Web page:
Duke in New York-Summer

New York Past and New York Present

Hands-on digital arts and media exploration in New York City

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New York past and New York present. This program assesses and engages New York City from both a long and short view. The Internship and Practicum course addresses the city as a cutting-edge media, design and influence capital.  

Students will be embedded into firms that create and distribute media (digital, narrative, social and physical) internationally. Through these activities, they will learn firsthand the complex set of interrelated processes driving global design culture. Additionally, they’ll visit key neighborhoods in all five boroughs of the city for group research on the changes over time that occur in contemporary cosmopolitan centers. While the timeline of the built environment is on the longer term of capital spending plans, there exists in New York an alternative timeline of shifting demographics, immigration and wholesale cultural relocation.  

Through this program, students will have the opportunity to utilize municipal cultural archives/resources and learn contemporary visual and digital research and presentation methods. 


Location: New York City, NY, USA

Term: Summer l

Dates: May 17 - June 26, 2023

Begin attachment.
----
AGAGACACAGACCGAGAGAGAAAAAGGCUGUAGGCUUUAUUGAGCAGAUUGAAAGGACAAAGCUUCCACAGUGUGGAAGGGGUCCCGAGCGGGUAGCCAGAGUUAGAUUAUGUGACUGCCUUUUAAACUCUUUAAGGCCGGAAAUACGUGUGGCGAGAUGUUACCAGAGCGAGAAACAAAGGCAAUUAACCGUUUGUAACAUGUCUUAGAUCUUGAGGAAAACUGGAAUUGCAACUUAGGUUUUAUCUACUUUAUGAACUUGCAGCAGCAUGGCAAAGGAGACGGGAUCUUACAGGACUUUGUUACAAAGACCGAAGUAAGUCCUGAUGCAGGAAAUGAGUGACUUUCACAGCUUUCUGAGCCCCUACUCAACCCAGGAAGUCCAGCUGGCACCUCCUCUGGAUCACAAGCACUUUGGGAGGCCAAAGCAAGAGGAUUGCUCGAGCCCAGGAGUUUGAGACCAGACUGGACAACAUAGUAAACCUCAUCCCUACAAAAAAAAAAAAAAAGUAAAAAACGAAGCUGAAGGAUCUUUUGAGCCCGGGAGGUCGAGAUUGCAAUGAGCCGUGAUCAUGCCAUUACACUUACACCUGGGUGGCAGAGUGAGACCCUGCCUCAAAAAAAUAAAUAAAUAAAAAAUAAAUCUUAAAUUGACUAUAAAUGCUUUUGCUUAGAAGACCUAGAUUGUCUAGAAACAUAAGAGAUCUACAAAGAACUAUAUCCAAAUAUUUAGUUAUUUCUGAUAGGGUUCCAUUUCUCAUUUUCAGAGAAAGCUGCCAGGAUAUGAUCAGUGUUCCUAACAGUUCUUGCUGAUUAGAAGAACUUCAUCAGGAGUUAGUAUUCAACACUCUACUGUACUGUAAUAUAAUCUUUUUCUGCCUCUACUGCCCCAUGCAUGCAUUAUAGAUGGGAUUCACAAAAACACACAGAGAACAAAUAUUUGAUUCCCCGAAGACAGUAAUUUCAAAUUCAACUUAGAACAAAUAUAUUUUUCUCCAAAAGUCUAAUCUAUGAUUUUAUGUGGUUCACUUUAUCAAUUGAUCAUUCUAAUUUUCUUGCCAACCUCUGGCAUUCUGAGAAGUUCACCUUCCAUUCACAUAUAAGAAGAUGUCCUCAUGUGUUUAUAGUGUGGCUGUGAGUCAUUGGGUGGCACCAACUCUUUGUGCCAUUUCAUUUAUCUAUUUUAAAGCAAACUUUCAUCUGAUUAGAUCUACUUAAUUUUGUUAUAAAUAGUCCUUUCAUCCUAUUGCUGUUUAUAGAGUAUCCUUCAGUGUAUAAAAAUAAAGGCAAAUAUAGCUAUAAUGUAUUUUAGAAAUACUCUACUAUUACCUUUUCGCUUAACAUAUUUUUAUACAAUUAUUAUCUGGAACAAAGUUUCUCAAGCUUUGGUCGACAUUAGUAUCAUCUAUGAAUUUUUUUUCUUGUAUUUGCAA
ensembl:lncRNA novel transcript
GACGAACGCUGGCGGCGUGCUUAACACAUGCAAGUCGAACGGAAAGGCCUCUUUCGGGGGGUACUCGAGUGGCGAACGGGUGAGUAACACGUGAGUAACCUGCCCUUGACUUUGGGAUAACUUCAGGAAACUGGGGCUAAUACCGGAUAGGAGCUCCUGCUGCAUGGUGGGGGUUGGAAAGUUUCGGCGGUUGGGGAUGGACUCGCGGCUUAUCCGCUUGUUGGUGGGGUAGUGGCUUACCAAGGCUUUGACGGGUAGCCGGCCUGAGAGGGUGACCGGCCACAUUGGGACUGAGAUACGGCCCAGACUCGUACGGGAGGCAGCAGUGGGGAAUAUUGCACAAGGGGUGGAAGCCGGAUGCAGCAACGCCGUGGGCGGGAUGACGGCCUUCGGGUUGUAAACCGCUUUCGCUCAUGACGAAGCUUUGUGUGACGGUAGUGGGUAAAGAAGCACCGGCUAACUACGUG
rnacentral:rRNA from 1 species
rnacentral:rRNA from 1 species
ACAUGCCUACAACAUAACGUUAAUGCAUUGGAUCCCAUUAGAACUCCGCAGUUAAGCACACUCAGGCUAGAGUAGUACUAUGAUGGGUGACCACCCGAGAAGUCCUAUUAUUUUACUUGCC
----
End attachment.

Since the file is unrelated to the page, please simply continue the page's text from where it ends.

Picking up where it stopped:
Application Deadline: Extended to February 15th

Academic Theme(s): African & African American Studies, Art History, Asian and Middle Eastern Studies, Computer Science, Cultural Anthropology, Environmental Sciences, History, Psychology, Visual Arts

Credit TypeDuke Credit

Eligibility: Open to students from all majors. Non-Duke students are not eligible for this program. 3.0 GPA with exceptions on a case-by-case basis.

Duke Affiliation: Duke Art, Art History and Visual Studies, Duke Computational Media Arts & Cultures

Housing: Student Apartments

Primary Contact: Augustus Wendell

Practicum and Research

Through the practicum students will learn critical soft skills through workplace participation. Students will benefit from the unique critical lens available from within media organizations, a viewpoint uncommon in the campus centered seminar style courses on media and culture available at Duke. Depending on the alignment of student interests and the internship placement students may benefit from direct exposure to the tools and methods of media and culture production. These could include Graphic Design, Fashion Design, Brand Development, Social Media Marketing, Digital Advertising and Cinematic Post Production methods.  

The Decoding New York course will teach Spatial Humanities research methods combining archival analysis with on-site spatial-ethno-graphic acquisition provide critical tools for analysis into the built environment. Several of these tools will include digital components such as GeoGraphic Information Systems (GIS) and web-based multimodal presentation tools (Storymaps). The research methods and reporting/publishing outcomes of this course will focus on the use of visual and computational methods to quantify change over time in visually sophisticated terms. The final project of the course will be public facing and will challenge the students to expand their rhetorical methods beyond the seminar class style papers common at Duke. As part of this course students will create media (print, web, physical) that articulate their research findings.